Perinnetarinoita ja runoja
Kari Heinon juhlapuhe
Altti Mäntylän juhlapuhe
Mikko Salmela muistelee
Pirjo Koivukorven runoja
Torsti Peltoniemi muistelee
Pertti Kohvakka muistelee
Evakko Paula Penttilä muistelee
Erkki Vanhatalon tarinat...
Jukka Uusitalon tarinat...
Lauri Tuomisen tarinat...
Seppo Haukorannan tarinat...
Aku Tieran kirjoitukset...
Lauttijärven Lukon historia
Veikko Heikkilä muistelee
Merikarvian Lukon historian II osa
Värem päreet ja muita kirjoituksia (Antti Mikonpoika Väre)...
Finnish at heart / Arnold Toivosen tytär Karin Bauser
Kaljaasi nimeltään Faakerin Anna...
Merikarvian lasitehtaat...
Antti Yliknuussin tarinoita...
Köyhyydenkivi - Erkki Vanhatalo
Perinnetarinoita ja runoja > Finnish at heart / Arnold Toivosen tytär Karin Bauser

Finnish at heart / Arnold Toivosen tytär Karin Bauser

When people meet me, they notice immediately that I must be Scandinavian. I proudly proclaim that I am 51% Finnish. In reality, my heart says 100%, but since my mother’s family has been in America long enough to be quite a diluted strain of German, Irish and English descent, it is the Finnish side of me that has a hold of my heart. I favor my grandfather Papa Arvo’´s complexion, blonde hair, blue eyes and fair skin, complete with freckles. I was graced to be the smallest one in the family, like my grandmother, Tyyne, and I like to think I have a lot of her personality. In my eyes, I am nothing but a Finn!

I adored my grandparents. I could listen to them talk for hours. Sometimes my grandmother would take my sisters and me to her friends’ houses, and we would sit, dressed up like little ladies and just listen to their conversations in Finnish. We didn’t have a clue what they were saying, but we would listen hard, and every now and then, we would catch something that was kind of like English; just enough that we could figure out what it was about. Of course, when they looked at us and smiled, we knew it was about us! Our grandparents were the greatest and we never had a doubt as to how much they loved us.

On our vacations to our grandparents, we were submerged into the Finnish-American culture. Our mother, the non-Finn, encouraged us in our ties to the Finnish side of our family. We spent Holidays, including Christmas, with Great Aunts and Great Uncles from Finland. Our house was filled with Arabia, Iittala and Marimekko. We learned at a very young age that anything Finnish was special, and that little hands don’t touch the Arabia and Iittala!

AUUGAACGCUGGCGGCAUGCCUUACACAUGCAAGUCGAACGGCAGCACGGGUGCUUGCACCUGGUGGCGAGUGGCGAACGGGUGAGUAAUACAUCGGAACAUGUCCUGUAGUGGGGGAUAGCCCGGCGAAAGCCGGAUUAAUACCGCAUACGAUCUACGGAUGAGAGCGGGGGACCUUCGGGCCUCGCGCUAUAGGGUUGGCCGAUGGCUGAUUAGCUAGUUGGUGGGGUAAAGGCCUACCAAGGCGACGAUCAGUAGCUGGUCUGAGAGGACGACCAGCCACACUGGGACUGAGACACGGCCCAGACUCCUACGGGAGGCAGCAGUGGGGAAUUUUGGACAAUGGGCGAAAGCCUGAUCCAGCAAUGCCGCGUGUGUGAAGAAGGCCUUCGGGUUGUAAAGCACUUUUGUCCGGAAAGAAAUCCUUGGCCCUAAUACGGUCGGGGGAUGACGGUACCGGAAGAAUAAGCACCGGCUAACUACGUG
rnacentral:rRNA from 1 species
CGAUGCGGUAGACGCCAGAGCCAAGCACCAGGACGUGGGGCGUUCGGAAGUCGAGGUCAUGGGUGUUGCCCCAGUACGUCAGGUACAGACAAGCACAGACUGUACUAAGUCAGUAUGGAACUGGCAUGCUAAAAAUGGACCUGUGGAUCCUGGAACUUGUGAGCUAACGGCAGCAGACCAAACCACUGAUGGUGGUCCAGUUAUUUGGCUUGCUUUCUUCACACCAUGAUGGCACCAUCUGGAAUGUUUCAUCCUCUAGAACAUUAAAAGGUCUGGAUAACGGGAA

We had many relatives come over from Finland to visit with us, but when I was nine years old, one of our cousins came and stayed for many months. I remember thinking that she was just beautiful! Of course this made me believe that all Finnish people were just as beautiful! She shared my room with me, taught me my Finnish alphabet and numbers, and we became very close. We taught her to speak English. We have developed a very close relationship over the last 40 years though letters, photos, and in recent years, FAXes, and Emails. We discovered we had so much in common that we call ourselves “Twins”, and feel more like sisters than just relatives. We had another cousin come stay for a few months when I was eighteen years old. She was also quite beautiful, just reinforcing my feelings about the Finnish people. We also helped her to improve her English. She and I also became very close and we continue this closeness to this day.

I think of your beautiful Finland many times every day. I have been blessed to visit there twice. Merikarvia has many of my relatives there, both living and deceased. On both of my visits I confirmed my beliefs that Finns are a happy group. They are kind and extremely generous! They spoil me rotten when I am there! There is an old-fashioned, almost magical feeling in the small Finnish communities. Finns have great manners, something that is a bit of a “lost art” here in the states it seems. A visitor feels very welcome everywhere they go. Although I speak only a few words of Finnish, I had no problem communicating, as it seems all Finns, and especially Merikarvians, speak that universal language called A Smile.